The key parameter in the production of a good quality cake is the attainment of a batter viscosity within the range of from 15,000 to 50,000 cps, preferably from 20,000 to 30,000 cps, as measured by a Brookfield Model HAT Viscometer using T-bar B (36 mm.) at 5 rpm. The type of gum or bulking agent or combination used is selected in order to keep or maintain the batter viscosity within the critical range. This result is surprising because when bulking agents or gums are used as replacement for flour, fat, or sugar, the bulking agents or gums, because of their lack of solubility, swellability or functionality, tend to settle and not hydrate satisfactorily to the extent of the ingredients they replace. While it has been known that a bulking agent in combination with a gum can reproduce the functionality of the replaced ingredients, it had been difficult to uniformly produce a cake product which possessed a height, structure, and appearance comparable to the conventional product containing the high-caloric ingredients. Therefore, a single key parameter can be monitored, modified, and controlled to give good quality, reduced-calorie cakes which are consistently of high quality.

If after the previous stated percentages of ingredients are mixed together, the batter formulation falls outside the 15,000 cps to 50,000 cps range as measured by the Brookfield Viscometer, an adjustment must be made in order to achieve a finished baked product of excellent texture and height. Additionally, should one wish to optimize conditions and fall within the 20,000 to 30,000 cps preferred range, it is possible to adjust the batter formulation even if before the adjustment it falls within the broader 15,000 to 50,000 cps range. Should the viscosity measurement fall below 15,000 cps or should one desire to further increase viscosity within the range, this can be achieved by adding an additional amount of a water binder sufficient either to adjust the viscosity within the broad 15,000 to 50,000 cps. range or to optimize viscosity within a more preferred range. Even after the additional amount of water binder is added, the total amount of water binder will fall with the aforementioned 1-20% by weight of the batter formulation (prebaked). In a similar manner if the viscosity of the batter formulation exceeds 50,000 cps., or if one wishes to optimize the batter viscosity by decreasing it to a more narrow preferred range, an additional amount of water can be added sufficient to either bring the viscosity within the 15,000 to 50,000 cps. range or within the preferred range. After the additional amount of water is added the total amount of water will still fall within the range of 40 to 65% by weight of the batter formulation (prebaked).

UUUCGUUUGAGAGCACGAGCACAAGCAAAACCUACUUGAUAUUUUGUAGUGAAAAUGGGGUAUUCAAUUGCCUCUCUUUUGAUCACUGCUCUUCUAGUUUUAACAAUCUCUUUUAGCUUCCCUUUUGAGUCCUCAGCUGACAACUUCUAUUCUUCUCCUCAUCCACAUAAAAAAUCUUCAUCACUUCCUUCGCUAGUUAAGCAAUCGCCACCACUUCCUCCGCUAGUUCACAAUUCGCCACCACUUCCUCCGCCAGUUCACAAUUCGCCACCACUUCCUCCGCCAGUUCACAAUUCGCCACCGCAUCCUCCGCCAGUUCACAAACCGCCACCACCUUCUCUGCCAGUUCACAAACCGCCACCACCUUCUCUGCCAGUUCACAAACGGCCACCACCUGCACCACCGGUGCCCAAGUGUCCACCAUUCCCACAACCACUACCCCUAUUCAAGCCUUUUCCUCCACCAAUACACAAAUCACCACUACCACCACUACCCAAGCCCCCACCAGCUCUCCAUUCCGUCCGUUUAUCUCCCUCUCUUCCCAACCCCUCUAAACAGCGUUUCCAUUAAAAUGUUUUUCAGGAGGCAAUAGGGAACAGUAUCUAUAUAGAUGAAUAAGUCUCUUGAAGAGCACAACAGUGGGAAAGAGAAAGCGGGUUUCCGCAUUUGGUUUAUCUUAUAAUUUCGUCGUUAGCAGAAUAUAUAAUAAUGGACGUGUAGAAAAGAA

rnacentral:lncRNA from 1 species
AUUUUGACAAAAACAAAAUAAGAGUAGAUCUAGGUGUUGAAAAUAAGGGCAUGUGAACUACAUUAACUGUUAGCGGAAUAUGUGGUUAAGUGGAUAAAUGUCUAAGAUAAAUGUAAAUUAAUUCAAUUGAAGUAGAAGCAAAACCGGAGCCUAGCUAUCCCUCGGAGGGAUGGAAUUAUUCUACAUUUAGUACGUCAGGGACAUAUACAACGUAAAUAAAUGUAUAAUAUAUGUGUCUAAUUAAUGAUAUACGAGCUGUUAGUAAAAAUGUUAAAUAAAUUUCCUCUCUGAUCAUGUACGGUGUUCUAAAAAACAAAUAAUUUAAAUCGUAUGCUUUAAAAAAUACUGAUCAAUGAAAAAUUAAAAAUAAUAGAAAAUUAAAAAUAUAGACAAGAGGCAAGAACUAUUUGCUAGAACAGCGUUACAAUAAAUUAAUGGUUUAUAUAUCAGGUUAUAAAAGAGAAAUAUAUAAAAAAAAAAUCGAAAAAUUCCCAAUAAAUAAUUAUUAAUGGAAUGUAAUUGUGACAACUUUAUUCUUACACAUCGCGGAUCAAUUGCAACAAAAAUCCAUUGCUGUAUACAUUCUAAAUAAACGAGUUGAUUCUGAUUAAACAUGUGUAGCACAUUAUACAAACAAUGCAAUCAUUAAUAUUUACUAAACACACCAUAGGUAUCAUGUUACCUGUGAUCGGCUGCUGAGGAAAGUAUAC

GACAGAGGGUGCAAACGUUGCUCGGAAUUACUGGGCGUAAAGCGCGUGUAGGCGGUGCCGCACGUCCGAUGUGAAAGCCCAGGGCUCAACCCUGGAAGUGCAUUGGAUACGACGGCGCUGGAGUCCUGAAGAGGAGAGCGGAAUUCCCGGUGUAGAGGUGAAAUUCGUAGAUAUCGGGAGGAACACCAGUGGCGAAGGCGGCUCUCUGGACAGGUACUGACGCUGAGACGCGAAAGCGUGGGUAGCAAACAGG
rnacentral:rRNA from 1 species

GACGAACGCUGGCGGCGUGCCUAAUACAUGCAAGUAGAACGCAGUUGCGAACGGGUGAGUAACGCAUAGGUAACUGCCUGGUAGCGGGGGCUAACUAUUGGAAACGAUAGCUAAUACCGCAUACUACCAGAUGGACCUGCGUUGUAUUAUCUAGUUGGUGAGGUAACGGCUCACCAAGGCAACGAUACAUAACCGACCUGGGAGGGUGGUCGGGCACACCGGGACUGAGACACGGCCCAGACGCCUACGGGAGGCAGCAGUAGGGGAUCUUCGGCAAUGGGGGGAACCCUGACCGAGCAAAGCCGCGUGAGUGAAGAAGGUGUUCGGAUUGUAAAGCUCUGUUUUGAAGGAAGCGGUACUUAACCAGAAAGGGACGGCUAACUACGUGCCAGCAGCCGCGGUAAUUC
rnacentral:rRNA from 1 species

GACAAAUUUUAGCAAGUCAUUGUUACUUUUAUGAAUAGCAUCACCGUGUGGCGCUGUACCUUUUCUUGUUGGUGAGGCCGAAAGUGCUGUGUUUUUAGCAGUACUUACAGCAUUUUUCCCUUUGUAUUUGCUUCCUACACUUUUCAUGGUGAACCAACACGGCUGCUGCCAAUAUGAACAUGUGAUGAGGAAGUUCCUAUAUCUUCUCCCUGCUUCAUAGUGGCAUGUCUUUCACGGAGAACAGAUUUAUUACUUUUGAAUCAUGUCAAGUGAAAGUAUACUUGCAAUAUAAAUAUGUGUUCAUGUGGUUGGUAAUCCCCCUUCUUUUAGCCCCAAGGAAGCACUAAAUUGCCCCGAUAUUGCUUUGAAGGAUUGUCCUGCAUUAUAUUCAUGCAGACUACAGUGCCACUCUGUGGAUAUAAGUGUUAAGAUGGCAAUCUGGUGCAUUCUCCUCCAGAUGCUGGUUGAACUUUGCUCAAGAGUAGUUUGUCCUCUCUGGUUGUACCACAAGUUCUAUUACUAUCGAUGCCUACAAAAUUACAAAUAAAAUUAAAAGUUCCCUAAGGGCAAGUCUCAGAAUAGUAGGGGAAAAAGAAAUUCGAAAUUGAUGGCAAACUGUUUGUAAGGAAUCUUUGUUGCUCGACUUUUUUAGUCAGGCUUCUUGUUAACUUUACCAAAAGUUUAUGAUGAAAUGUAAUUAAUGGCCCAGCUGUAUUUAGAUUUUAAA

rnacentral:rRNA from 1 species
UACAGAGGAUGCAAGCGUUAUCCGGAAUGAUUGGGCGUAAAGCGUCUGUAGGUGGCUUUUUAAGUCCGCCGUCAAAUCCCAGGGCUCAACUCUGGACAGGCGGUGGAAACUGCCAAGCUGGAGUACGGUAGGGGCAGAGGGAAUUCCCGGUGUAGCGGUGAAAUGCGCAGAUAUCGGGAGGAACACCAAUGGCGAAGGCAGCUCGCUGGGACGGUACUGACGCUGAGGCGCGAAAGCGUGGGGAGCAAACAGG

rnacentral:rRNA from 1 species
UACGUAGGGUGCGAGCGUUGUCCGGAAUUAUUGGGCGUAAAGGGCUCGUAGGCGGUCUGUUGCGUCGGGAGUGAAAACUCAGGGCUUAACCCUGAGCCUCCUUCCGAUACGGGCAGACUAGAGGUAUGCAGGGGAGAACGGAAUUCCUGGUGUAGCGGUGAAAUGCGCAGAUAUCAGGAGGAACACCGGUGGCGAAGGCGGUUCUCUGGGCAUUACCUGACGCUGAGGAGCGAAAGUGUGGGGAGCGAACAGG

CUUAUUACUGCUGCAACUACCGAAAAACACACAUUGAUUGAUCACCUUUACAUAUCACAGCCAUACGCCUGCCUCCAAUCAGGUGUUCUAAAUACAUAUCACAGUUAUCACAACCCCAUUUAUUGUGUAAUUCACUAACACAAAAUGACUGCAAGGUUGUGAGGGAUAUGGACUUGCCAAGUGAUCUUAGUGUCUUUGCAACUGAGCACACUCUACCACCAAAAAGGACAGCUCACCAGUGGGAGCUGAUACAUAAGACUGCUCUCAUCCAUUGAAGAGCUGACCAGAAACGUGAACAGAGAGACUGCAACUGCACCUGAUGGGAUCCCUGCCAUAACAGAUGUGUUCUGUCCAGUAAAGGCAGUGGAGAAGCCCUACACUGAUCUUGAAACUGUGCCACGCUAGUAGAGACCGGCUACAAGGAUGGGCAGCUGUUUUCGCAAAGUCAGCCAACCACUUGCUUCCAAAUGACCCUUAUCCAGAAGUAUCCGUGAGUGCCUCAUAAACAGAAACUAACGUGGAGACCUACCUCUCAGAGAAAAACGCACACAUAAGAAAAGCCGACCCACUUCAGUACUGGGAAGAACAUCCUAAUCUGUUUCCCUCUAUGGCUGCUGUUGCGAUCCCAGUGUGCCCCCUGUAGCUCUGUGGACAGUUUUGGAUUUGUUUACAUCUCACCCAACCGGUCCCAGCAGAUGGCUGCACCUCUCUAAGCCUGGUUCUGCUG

A novel feature of the low calorie cake of the present invention is that even though it contains 40% or more water on an as-consumed basis it is perceived of as being somewhat "dry" and it is not perceived to be excessively moist, or gummy. Additionally, the cake product does not possess gritty mouthfeel as was characteristic of cellulose cakes made in the past.

The high-quality, reduced-calorie cake contains a water binder which is defined for purposes of this invention as any substance that will adsorb and tightly hold water, decreasing its mobility, rate of vaporization, and ability to support microbial growth. The water binder can comprise a gum, mixtures of gum, bulking agents, mixtures of bulking agents, or combinations of gums and bulking agents. Good quality cakes have been made from the following gums: carrageenan, guar, gum arabic, locust bean gum, tragacanth, karaya, hydroxypropylcellulose, methylcellulose, Carboxymethylcellulose, xanthan, pectin, alginate, agar and similar hydrocolloids. Suitable bulking agents include: cellulose flour, citrus albedo, sugar beet pulp, pineapple core, bran, sugar cane pulp, soy fiber concentrate, polydextrose, etc.

Citrus albedo, sugar cane pulp, sugar beet pulp, and pineapple core bulking agents are preferably prepared by a process which involves reducing the size of the starting material to prepare particles or slices less than 1/2inch, water washing to remove soluble carbohydrates, alcoholic extraction of color and bitter consituents preferably using isopropol alcohol, desolventizing and drying and finally milling to the consistency of flour. The other bulk fillers, cellulose flour, soy fiber concentrate, bran and polydextrose are commercially available products.

For purposes of this invention, leavening agent is defined as a substance or substances used to cause gas permeation throughout a batter or dough, thereby, lightening and raising the batter or dough and its subsequent product. Examples of leavening agents include sodium bicarbonate (baking soda) and sodium aluminum phosphate (Levair - Stauffer Chemical Co.).

An emulsifier is defined as surface active agent that causes the integral, uniform mixing of the fat and water components of a batter or dough. The emulsifier also lowers the surface tension of the batter allowing for greater gas incorporation. Examples of suitable emulsifiers include polyoxyethelene (20) sorbitan mono-oleate (Tween 80 - ICI Americas Inc.), sodium stearyl-2-lactylate (Emplex - Patco), and mono and diglycerides.

The batter may also contain optional ingredients such as salt, vanillin, non-fat milk solids, flavor, color, etc. The combined level of these ingredients will be below 15% of the batter on a by weight basis, preferably below 5%. This invention is further illustrated but not limited by the following examples:

EXAMPLE 1

The following formulation was used to make a 50% calorie-reduced cake utilizing cellulose flour as the bulking agent in combination with a gum.